I think COVID-19 magnified the importance of this philosophy, and created a need for an even faster pace of disruption and innovation. I've heard Jeff Bezos say multiple times, "You'll never hear a customer say, 'I love Amazon, but I wish they didn't ship so fast.'" Or, "I love Amazon, but I wish their prices were just a little bit higher." Well, there are analogs that in our industry you'll never hear a member say, "I wish it took longer to get my drug approved." Or, "I wish it was a bit more expensive [inaudible 00:00:14:05]." So there are principles around how you create utility for patients, how you create utility for prescribers, and how you create utility for clients in what we do, that make us valuable in their everyday workflow.

Mostafa Kamal (14:24):
And so I think with COVID-19, obviously we had a massive acceleration of people moving to work from home. We had a massive acceleration of lots of businesses that were losing revenue or not able to operate. We had folks doing a lot more shipping of [inaudible 00:14:43] drugs and other goods home. And so being able to respond very quickly to those shifting consumer needs during this pandemic, has been really important. And companies that have that DNA, I think are able to move a lot more quickly and have a higher chance of delighting customers. And I think the PBM industry has always been an industry that's in my view been, had an amazing way of redefining itself every few years. And I think the industry has done a relatively good job of making sure that we continue to move with consumer needs to make sure that we're driving utility to as I said, patients, providers and clients.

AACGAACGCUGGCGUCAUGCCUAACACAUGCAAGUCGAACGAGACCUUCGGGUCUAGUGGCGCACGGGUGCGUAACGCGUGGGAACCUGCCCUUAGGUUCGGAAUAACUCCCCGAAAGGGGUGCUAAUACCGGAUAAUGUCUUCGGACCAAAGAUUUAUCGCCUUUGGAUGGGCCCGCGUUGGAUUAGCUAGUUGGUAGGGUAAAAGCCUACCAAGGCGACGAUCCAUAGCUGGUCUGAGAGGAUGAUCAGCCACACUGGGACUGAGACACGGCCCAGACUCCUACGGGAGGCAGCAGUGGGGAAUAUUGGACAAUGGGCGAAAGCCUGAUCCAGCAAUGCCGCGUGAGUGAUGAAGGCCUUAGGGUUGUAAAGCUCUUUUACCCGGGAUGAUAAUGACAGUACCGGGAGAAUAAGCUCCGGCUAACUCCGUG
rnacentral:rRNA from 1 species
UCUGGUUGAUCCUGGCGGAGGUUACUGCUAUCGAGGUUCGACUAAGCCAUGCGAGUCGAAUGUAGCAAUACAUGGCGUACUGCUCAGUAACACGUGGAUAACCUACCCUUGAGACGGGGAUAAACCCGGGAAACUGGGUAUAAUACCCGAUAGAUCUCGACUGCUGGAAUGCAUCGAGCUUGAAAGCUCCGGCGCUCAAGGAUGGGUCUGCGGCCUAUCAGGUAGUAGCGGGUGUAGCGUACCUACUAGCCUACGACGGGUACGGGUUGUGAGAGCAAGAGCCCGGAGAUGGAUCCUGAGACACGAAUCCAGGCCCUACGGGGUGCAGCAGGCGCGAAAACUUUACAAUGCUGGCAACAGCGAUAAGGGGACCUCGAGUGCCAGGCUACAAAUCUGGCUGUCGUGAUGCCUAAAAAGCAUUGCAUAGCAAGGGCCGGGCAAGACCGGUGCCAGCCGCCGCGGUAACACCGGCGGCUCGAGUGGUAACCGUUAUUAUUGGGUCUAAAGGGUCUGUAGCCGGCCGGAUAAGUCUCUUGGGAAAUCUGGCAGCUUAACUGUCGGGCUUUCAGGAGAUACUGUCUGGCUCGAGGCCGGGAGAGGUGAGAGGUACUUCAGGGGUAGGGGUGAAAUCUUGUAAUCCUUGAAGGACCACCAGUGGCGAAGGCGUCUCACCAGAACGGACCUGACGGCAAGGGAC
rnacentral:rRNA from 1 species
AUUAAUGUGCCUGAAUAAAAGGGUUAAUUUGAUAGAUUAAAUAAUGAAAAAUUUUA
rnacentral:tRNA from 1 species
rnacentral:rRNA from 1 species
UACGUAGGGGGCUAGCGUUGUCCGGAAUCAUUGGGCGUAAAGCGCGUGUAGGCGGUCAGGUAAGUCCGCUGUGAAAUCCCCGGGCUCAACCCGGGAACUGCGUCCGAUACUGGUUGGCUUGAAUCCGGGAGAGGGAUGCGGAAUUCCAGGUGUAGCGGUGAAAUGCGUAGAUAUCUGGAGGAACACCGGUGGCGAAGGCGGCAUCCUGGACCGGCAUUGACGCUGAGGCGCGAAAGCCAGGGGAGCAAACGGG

J.C. Scott (15:27):
So let's talk about some of the specific sort of accelerated disruptions as a result of COVID. You mentioned home delivery and mail order is one. And it strikes me that on your website, that you have an article about the possibility of drone technology being used to deliver drugs to customers' homes, which in some ways feels pretty futuristic. But as you mentioned, Amazon and others are already thinking about this. And with the volume of stuff that my family seems to order off of Amazon, I'm expecting a line of drones in the sky any day now outside our house. But I'm curious for your thoughts on when we see that manifest in the delivery of prescription medication. Because I know a lot of people that to your point really have realized the value and convenience of having the option of mail or home delivery during the pandemic. How do you see that evolution taking place?

Mostafa Kamal (16:19):
Yeah. In a world where we're spending a lot of time at home, wouldn't it be fun to have like a family event where you stated drones lining up outside the...

J.C. Scott (16:28):
Well, my daughter would enjoy that.

Mostafa Kamal (16:33):
Yeah. On that point I think in general, as we've seen with step function change in technology and innovation, in general it's hard. I think it's just part of the human condition. It's hard for people to think of change in exponential terms. We tend to think of change in incremental terms. Now it's coming with UPS and maybe it'll come with some other autonomous vehicle, and the move to drone seems to be so far out there in terms of an exponential change that I think a lot of people respond to it by saying, "Hey, is this really possible? Is this real?" But I truly believe that it's way closer than anybody thinks. If you look at what some of the most innovative companies in this space are doing, there're companies that are operating outside of the United States today, that are delivering blood and taking care of critical patients in various countries in Africa.